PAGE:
Approach to an hiv patient with intracranial mass lesion

Rizki Adrian Hakim, Bramantono, Usman Hadi

Research output: Contribution to journalArticlepeer-review


Neurological signs and symptoms are one of the commonest complaint of patients living with HIV (PLWHA). In these patients, radiological evaluation using computed tomography (CT) or magnetic resonance imaging (MRI) often reveal an intracranial mass lesion, which often presents as a diagnostic and therapeutic challenge for clinicians. Although there is no epidemiological data on the rate of misdiagnosis and/or mistreatment of PLWHAs presenting with CNS symptoms, numerous case reports find that distinguishing between different etiologies of CNS symptoms in PLWHAs is often difficult. A 42-year-old female with known HIV status presented to the ER with headache for 2 weeks before admission and left-sided hemiparesis and cranial nerve neuropathy, with intact consciousness. Her head CT revealed multiple contrast-enhancing lesions with meningeal enhancement, features commonly found in either toxoplasmic encephalitis (TE), primary central nervous system lymphoma (PCNSL), progressive multiple leukoencephalopathy (PML), or tuberculous (TB) meningitis. Based on her positive toxoplasma serology, she was treated empirically with anti-toxoplasmosis regimens, and her symptoms improved. An approach based on symptomatic presentation (diffuse or focal), neuroepidemiology, and status of immunosuppression is advised. Physicians are encouraged to use diagnostic algorithms to treat these patients.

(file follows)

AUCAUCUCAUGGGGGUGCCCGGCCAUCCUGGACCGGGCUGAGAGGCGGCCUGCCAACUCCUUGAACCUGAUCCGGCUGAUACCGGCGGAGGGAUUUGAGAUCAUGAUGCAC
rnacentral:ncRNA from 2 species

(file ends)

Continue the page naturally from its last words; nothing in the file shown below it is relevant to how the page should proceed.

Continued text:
Original languageEnglish
Pages (from-to)915-920
Number of pages6
JournalTeikyo Medical Journal
Issue number4
Publication statusPublished - Aug 2021


  • AIDS
  • HIV
  • Intracranial mass lesion


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